Nice To Meet You All!

Discussion in 'Introduce Yourself' started by gailrobinleclaire, Jul 17, 2011.

  1. gailrobinleclaire New Member

    HI, I live in massachusetts with my family (husband, 2 teenage girls) and (1) 9 yr old newfy(Cosmo) & (1) 5 month old Border Collie(Princess "Belle").
    Belle's front left leg was broken on the growth plate shortly after she was born.:cry: She joined our family at 6 weeks old and she is under doctors care for her leg. It is now beginning to bow but does not seam to cause her pain. I would like to teach her agility and would like any feed back as to anyone's experience in working with active dog breeds with bowed leg.
    Thank you
    Lexy88, Dodge and Jean like this.

  2. bekah1001 Honored Member

    Welcome! Awe poor Belle
  3. ambara Active Member


    I'd be very cautious about doing agility with Belle because it's impossible to know if she is in pain or not, dogs don't usually show signs of pain until it's quite bad. Also agility is really demanding on the body and can even cause problems on it's own so for a dog that isn't in a perfect physical condition... I don't know. I don't really do agility with Hauru because he's back legs are crooked and he's right elbow isn't perfect either. I just don't want to risk him getting worse or having any pains because of my actions. On the other hand I do let him run and jump around as much as he likes but I just feel that agility is a different matter than him moving on he's own accord. If you decide to do it, at least always be very pedantic about her warm ups etc. I feel like lot of people don't take these things seriously enough so I'm sorry if I come across preachy :oops:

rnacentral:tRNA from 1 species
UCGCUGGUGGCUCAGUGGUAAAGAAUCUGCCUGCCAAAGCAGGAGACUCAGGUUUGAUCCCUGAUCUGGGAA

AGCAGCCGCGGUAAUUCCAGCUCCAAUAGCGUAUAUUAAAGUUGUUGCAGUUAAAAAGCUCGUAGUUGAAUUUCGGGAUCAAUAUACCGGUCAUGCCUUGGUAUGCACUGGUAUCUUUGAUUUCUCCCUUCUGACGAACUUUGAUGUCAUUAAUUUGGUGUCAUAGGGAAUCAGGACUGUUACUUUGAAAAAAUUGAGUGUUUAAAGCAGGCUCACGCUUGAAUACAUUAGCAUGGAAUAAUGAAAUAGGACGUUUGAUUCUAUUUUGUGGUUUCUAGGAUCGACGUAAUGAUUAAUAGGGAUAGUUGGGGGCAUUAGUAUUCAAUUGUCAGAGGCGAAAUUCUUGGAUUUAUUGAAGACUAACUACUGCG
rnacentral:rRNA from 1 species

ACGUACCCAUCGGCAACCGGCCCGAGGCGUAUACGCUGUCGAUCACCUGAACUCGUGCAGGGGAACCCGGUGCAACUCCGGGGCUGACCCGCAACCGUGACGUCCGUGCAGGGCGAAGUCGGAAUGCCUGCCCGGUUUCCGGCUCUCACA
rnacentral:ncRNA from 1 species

Dodge likes this.
  4. sara Moderator

    I dont have any experience with working breeds with bowed legs specifically, but here's my thoughts on the subject. Until she's fully grown, I would avoid any strenuous exercise, like agility or flyball. you want to make sure her leg wont be made worse.

    Until then, you can teach her tricks that dont put stress on her front legs, which is most of them. the more she's used to learning new things, the easier it'll be to teach her agility later on. you can get a jump start on some agility by teaching her to walk across a plank, drop on recall, that sort of thing. You could get involved with Canine Freestyle, which is relatively stress free on joints, depending on the tricks you choose.

    Keep her busy and her mind active, and you shouldn't have an issue with her.
    Dodge likes this.
  5. karleee Well-Known Member

  6. Dodge Well-Known Member

    Awww,your poor pup,you must ve gone through some heartache while she was healing ))hugs((
    A very warm welcome to you,I would suggest the same as Sara,even with healthy pups you should not start agility untill at least a year old (so I ve been told,had a mad thought when dodge was a pup that it would be a good idea to set up agility course in my friends garden as ours was and still is far to small:barefoot:) because of the bone and joint development (dont quote me on this,never got into it properly,I just didnt chance it)
    Have fun teaching her,looking forward to pics and a chat (y)
  7. Lexy88 Well-Known Member

    Welcome to the DTA :) Sorry to hear about Belle. It isnt recommended to start teaching agility to dogs until theyre a certain age, well, the height stuff anyway - so no jumping, dog walks, teeter totters, A frames etc and fast work like running and weaving wouldnt be recommended to a young dog with an injury either. In our country [NZ] dogs have to be 18mths before theyre allowed to start the agility obstacles. Belle is only young and has a lot of growth and maturation to go through so I would stick to quiet work like tricks and obedience until she is older and a vet has given her the 'ok' to go ahead with agility type work. Good luck :)
    Jukes likes this.

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